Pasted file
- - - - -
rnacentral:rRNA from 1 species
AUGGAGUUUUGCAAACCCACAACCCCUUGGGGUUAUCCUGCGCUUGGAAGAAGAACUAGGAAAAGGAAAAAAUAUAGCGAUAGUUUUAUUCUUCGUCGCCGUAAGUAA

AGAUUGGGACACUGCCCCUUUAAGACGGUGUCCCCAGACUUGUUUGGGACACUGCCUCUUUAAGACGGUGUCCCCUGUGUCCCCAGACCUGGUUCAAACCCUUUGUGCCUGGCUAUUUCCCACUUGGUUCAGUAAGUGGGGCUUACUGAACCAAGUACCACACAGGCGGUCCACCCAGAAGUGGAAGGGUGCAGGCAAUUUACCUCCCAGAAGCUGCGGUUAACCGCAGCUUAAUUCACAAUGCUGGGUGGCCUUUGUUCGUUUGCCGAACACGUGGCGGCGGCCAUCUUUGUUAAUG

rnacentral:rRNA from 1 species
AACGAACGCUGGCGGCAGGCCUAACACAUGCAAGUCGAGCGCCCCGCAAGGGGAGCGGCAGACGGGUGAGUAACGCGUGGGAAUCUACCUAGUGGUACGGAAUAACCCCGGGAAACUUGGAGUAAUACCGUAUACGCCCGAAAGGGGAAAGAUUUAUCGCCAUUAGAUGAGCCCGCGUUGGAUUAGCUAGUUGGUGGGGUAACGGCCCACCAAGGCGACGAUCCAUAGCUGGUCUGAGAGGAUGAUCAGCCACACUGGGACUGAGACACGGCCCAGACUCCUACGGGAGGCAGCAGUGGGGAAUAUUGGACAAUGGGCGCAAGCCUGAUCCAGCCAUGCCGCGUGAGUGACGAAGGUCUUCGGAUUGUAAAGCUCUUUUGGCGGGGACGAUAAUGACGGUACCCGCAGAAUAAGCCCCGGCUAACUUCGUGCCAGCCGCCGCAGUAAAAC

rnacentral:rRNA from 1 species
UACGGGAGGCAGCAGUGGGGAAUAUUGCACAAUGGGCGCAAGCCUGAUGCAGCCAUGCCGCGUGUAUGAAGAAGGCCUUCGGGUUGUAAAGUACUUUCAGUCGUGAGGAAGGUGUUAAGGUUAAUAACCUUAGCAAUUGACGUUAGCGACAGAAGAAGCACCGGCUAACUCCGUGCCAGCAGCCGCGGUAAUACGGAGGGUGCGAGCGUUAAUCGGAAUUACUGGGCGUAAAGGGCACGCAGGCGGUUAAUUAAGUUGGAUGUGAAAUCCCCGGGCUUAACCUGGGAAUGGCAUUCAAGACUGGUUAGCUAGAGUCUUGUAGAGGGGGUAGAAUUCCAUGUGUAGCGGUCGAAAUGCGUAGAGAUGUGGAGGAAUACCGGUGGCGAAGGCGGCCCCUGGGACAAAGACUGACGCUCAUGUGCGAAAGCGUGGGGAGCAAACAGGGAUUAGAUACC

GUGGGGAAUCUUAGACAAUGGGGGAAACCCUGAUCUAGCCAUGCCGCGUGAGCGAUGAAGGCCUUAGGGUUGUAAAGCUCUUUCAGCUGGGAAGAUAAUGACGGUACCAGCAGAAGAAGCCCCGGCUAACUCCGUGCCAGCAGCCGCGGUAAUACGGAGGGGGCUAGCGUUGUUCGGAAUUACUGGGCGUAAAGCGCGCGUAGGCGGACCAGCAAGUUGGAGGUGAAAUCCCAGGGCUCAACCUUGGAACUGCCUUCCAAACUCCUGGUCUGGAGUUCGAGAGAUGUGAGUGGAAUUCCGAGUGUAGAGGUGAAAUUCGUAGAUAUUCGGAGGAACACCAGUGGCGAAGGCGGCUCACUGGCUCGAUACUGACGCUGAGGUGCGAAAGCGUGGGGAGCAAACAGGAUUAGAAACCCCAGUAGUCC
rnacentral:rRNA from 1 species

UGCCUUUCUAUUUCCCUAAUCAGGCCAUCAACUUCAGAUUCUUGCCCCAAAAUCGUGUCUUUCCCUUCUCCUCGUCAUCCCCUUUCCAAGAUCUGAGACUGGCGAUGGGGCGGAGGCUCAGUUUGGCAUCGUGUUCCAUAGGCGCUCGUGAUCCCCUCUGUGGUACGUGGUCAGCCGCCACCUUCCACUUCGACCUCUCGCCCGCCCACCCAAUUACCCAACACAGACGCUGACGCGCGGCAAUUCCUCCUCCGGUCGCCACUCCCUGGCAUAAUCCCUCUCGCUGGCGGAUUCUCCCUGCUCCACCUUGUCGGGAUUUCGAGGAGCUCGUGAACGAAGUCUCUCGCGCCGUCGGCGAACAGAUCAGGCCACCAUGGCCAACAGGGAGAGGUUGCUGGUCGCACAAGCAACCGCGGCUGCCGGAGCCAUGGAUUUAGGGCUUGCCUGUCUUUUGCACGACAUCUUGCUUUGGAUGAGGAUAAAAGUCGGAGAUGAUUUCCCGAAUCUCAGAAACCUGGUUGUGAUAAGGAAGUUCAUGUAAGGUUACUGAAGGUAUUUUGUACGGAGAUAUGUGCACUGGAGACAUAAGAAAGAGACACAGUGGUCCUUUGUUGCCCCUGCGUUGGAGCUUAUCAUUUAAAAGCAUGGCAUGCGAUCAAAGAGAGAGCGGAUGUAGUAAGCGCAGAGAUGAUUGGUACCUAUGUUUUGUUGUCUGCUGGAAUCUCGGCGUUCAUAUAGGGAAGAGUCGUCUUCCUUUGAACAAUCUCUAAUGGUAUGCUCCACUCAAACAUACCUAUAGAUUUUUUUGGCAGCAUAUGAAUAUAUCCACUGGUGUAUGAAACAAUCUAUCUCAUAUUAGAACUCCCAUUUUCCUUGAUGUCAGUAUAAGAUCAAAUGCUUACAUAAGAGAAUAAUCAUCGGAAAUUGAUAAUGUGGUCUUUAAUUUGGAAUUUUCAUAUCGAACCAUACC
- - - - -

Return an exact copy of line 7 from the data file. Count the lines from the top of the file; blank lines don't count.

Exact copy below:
UACGGGAGGCAGCAGUGGGGAAUAUUGCACAAUGGGCGCAAGCCUGAUGCAGCCAUGCCGCGUGUAUGAAGAAGGCCUUCGGGUUGUAAAGUACUUUCAGUCGUGAGGAAGGUGUUAAGGUUAAUAACCUUAGCAAUUGACGUUAGCGACAGAAGAAGCACCGGCUAACUCCGUGCCAGCAGCCGCGGUAAUACGGAGGGUGCGAGCGUUAAUCGGAAUUACUGGGCGUAAAGGGCACGCAGGCGGUUAAUUAAGUUGGAUGUGAAAUCCCCGGGCUUAACCUGGGAAUGGCAUUCAAGACUGGUUAGCUAGAGUCUUGUAGAGGGGGUAGAAUUCCAUGUGUAGCGGUCGAAAUGCGUAGAGAUGUGGAGGAAUACCGGUGGCGAAGGCGGCCCCUGGGACAAAGACUGACGCUCAUGUGCGAAAGCGUGGGGAGCAAACAGGGAUUAGAUACC